Cost Reductions Through Life Cycle Improvements


Written by:
George Harris

More than 15 years ago, a 160 in plate mill was experiencing significant maintenance problems with its descaling pumps; the typical mean time between repairs was only 6 to 8 months. Some rebuilt pumps even failed on start-up.

Descaling is one of the more severe, but critical, services in a steel mill. The pressures are high and the rapid changes in flows and pressures severely impact the pumps. At the same time, the pumps' performance can significantly impact the quality of the steel produced.

Improvements to these pumps were implemented in various phases over several years. The path was not always straightforward and required close cooperation and teamwork between the aftermarket service provider and mill personnel to implement various upgrades.

Root Cause Analysis-Rotor Condition Analysis

At the start of the project, all of the pumps, which had been in service since the early 1970s, were exhibiting high noise levels along with abnormally high vibration, erosive wear and consistent, frequent maintenance problems.

The first step was to comprehensively analyze the pump rotor in a process called Rotor Condition Analysis. The Rotor Condition Analysis report, coupled with analysis of field operating conditions, provided the forensic evidence to identify the root causes of pump problems. This data, when analyzed in conjunction with the operational data, vibration readings and other field information, enables the aftermarket provider's engineers to troubleshoot the pump and develop recommendations to solve the identified problems.

A typical sectional view of a descaling pump
 

 

Recommendations: Engineering Review and Upgrades

Engineering review of the rotor and the field data revealed multiple issues. Because of the pumps' complexity and critical nature, the engineers and mill personnel agreed to implement upgrades in a phased approach, analyzing system improvements at each phase.

The problems affecting pump life can be categorized as system problems, mechanical problems, material selections and hydraulic problems.

System Problems

The first major improvement, implemented in the late 1980s, was adding a water filtration system to remove sand from the descale water. This improvement not only solved the erosive wear problem, but also made it feasible to address the other issues.

Mechanical Problems

Pump Clearances and Concentricities

Analyzing the dimensions of the impeller running clearances, cover-to-cover fits and volute-to-cover fits revealed that these clearances exceeded the aftermarket provider's best practice recommendations by 30 to 200 percent.

Reduced running clearances increase the pump's overall efficiency by reducing the amount of internal leakage. Tighter clearances have been shown to reduce vibration by increasing damping in the pump.

Concentricities are extremely critical to a pump's life cycle. Maintaining concentricities allows pumps to be built with tighter fits and clearances and better balance, all of which contribute to improved pump life. If the rotating impeller ring turns are not concentric with the stationary case wear rings, then some diametrical clearance is needed to prevent rubbing as the pump is operated.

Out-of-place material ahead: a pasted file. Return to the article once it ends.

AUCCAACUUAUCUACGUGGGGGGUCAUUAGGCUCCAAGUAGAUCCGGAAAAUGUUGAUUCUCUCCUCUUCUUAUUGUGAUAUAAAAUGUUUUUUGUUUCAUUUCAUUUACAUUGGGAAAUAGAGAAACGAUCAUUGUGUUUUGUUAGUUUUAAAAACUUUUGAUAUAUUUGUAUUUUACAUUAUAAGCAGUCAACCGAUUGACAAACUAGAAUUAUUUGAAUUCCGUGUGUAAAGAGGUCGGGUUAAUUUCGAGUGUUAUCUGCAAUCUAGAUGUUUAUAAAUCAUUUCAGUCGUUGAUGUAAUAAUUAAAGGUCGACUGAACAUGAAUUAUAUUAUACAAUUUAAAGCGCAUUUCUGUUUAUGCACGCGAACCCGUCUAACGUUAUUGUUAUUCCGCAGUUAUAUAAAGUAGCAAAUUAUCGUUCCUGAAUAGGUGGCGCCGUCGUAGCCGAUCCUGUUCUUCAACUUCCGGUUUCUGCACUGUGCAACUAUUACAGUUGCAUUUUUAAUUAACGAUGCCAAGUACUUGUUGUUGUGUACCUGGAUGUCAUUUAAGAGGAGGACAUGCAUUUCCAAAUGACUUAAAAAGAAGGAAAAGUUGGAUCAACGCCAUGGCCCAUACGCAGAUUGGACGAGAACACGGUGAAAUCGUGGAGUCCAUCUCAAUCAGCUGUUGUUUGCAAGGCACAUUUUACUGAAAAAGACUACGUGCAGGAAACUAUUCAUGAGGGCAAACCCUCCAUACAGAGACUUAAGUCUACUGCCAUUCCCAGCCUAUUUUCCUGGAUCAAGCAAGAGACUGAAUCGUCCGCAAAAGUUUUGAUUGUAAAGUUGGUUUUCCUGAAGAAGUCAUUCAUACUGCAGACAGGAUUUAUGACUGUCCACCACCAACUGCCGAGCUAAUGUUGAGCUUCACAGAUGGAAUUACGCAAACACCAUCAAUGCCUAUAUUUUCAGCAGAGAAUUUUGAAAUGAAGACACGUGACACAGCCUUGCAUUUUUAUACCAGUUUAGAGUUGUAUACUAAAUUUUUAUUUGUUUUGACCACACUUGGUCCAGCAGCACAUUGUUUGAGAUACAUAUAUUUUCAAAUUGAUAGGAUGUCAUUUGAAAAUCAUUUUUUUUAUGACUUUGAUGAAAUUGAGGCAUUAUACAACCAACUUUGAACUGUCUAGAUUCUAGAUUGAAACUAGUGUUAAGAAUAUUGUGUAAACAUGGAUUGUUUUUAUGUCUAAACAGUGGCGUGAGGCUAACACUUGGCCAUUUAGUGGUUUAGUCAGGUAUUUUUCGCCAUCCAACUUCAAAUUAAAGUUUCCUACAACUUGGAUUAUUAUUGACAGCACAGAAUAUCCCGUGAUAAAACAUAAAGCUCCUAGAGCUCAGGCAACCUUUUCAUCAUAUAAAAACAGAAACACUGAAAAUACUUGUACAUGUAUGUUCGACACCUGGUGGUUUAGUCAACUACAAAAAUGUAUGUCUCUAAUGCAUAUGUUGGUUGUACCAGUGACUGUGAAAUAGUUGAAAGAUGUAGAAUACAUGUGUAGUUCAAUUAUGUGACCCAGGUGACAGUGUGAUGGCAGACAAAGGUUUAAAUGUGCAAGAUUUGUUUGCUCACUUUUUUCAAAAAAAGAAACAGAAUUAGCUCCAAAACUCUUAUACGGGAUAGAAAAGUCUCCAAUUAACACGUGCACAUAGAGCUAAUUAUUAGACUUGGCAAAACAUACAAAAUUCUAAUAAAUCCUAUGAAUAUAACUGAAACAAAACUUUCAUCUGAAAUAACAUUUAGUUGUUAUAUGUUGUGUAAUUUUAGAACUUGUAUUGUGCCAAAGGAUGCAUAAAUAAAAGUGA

Eccentricity can occur if:

  • The shaft is not straight.
  • The wear rings on the impellers are not concentric with the impeller bore.
  • The case wear rings are not concentric to the casing bore.
  • The fit between the impellers and the shaft is loose (clearance) instead of tight (interference).
  • The fit between the stage pieces is loose instead of tight.

 

All of these issues had to be addressed in the upgraded pump rebuild.

Manufacturing a pump shaft with a stringent T.I.R. requires a skilled machinist and properly prepared shafting material. Specially heat-treated material ensures that residual stresses do not cause bowing during or after the machining process.

Balancing to 1W/N

Many texts indicate that rotor unbalance accounts for 70 percent of rotating equipment vibration problems. The excessive clearances and loose fit of the components on the original rotor indicated a rotor with significant, unacceptable unbalance.

For increased reliability and longer run times, the aftermarket provider dynamically balances the impellers and rotors of high-energy pumps to a stringent standard of 1W/N, where W represents one half the weight of the component being balanced and N represents the operating speed. For comparison, API 610 recommends balancing to 8W/N for multistage pumps operating below 3,800 rpm.

Unlike many centrifugal pumps, barrel pump rotors must be disassembled after the rotor has been balanced and reassembled when the element is stacked. To maintain the same degree of balance during the stacking process, impellers must be repositioned in the same location and position using the same keys and locating rings with which they were initially balanced. Careful marking of the components ensures that the right parts get put in the correct positions. Impeller bores with shrink fits and vertical stacking ensure that parts return to their original balance positions.

When possible, the aftermarket provider further check balances the rotor with the coupling installed. This precision approach to balancing requires additional time and cost, but can significantly extend pump life.

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See also:

Upstream Pumping Solutions

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